Simulated vision in a case of advanced macular degeneration. A central dark spot reduces visual ability.
Dr. Marco Lombardo and his staff offer professional advice, diagnosis and treatment of age-related macular degeneration and other macular diseases. The macula is the central area of the retina dedicated for improved vision. Any pathology affecting this area is referred to as macular disease.
At Studio Italiano di Oftalmologia of Dr. Marco Lombardo, the accurate diagnosis of macular disease is established in order to define the most appropriate therapy for each patient.
Age-related macular degeneration , also known as AMD, is the most common cause of legal blindness in the Western world over 60 years.
There are two clinical forms of age-related macular degeneration, which are atrophic and exudative forms.
Aging is the most important risk factor ofage-related macular degeneration. It is recommended for patients to avoid smoking, to take a healthy lifestyle and to wear sunglasses with UV protection.
The early stages of age-related macular degeneration are absolutely asymptomatic (without visual disturbances). Disease progression is accompanied by the appearance of more or less severe visual symptoms, such as “metamorphopsias” (vision of distorted images) and vision loss. In the atrophic AMD form, visual loss is gradual; it can be more rapid in the exudative AMD form.
The diagnosis of age-related macular degeneration is clinical, performed by fundus examination. Some diagnostic tests may be useful for determining the type of macular degeneration, including the Amsler grid, optical coherence tomography (OCT) and electroretinogram(mfERG).
Atrophic AMD form
Exudative AMD form
The Age-related Eye Disease Studies (AREDS) have shown that nutritional factors can prevent or reduce the incidence of the disease. Macular degeneration therapy involves the integration into the diet of lutein and zeaxanthin.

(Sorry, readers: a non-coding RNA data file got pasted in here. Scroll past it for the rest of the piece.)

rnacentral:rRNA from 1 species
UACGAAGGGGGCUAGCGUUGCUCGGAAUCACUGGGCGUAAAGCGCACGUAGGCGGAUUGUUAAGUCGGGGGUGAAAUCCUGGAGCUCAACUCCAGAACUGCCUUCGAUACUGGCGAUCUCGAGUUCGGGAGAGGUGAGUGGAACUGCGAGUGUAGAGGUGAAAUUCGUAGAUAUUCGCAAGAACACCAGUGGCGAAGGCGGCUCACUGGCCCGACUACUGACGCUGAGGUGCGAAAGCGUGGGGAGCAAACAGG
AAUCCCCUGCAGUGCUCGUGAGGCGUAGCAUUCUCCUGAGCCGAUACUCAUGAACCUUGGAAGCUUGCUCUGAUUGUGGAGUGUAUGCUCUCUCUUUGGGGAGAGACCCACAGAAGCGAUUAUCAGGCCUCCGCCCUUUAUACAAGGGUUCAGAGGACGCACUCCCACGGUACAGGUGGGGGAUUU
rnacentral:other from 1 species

In the event that macular degeneration evolves towards the exudative form, it is necessary to intervene quickly to avoid serious complications. Three surgical options are available: photocoagulation treatment, photodynamic therapy and, more frequently, intravitreal injections of anti-angiogenic drugs.
- Intravitreal injections
Anti-angiogenics (anti-VEGF) are the most commonly used intravitreal drugs. There several anti-VEGF drugs available for macular degeneration, each of which may offer the chance of taking advantage of the greater positive effect of combined treatments (such as with photodynamic therapy). The anti-VEGF injections have been shown to be effective, in selected cases, in slowing down the progression of the sub-foveal neovascular membranes.
- Photodynamic therapy
Photodynamic therapy consists of the intravenous administration of a photosensitizing drug, which is activated by the absorption of a red light projected onto the retina. The photosensitizing agent used for photodynamic therapy is verteporfin, which is a molecule that is selectively captured by newly formed capillaries; the luminous activation of the drug gives rise to a process that aim at occluding the neovessels. Photodynamic therapy is currently performed in combination with intravitreal injections. It still remains the primary choice in some patients, such as the treatment of myopic macular degeneration and chronic central serous chorioretinopathy.
- Laser photocoagulation
Laser photocoagulation is indicated for the treatment of extrafoveal neovascular membranes. The procedure has as complications the formation of small scotomas (dark areas) in correspondence of the treated area or, in very rare cases, a reduction of the sight.